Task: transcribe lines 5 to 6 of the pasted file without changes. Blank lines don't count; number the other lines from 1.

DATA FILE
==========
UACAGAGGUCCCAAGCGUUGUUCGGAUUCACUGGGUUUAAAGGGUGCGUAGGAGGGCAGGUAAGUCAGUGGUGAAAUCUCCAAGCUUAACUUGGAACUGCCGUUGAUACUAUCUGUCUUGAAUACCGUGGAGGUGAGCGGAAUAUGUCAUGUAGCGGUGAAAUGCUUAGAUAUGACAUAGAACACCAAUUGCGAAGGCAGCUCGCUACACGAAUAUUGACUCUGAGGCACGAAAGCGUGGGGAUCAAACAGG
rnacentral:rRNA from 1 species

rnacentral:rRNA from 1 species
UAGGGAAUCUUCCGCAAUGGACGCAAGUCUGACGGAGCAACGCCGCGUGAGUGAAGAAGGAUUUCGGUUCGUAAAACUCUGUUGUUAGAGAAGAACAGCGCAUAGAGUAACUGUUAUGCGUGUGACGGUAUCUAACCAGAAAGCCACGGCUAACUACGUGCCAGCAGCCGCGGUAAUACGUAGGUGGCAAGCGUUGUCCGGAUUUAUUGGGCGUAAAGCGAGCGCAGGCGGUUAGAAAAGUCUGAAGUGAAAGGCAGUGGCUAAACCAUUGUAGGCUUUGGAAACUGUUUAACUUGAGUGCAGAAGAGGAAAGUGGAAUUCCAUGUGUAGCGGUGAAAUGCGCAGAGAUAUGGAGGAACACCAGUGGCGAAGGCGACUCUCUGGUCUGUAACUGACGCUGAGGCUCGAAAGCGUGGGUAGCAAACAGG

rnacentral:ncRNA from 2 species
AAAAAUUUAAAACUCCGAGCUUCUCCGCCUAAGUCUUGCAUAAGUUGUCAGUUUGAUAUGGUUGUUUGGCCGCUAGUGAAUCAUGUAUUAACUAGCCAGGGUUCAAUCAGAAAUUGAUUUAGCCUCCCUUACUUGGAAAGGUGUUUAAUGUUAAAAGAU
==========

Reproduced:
rnacentral:ncRNA from 2 species
AAAAAUUUAAAACUCCGAGCUUCUCCGCCUAAGUCUUGCAUAAGUUGUCAGUUUGAUAUGGUUGUUUGGCCGCUAGUGAAUCAUGUAUUAACUAGCCAGGGUUCAAUCAGAAAUUGAUUUAGCCUCCCUUACUUGGAAAGGUGUUUAAUGUUAAAAGAU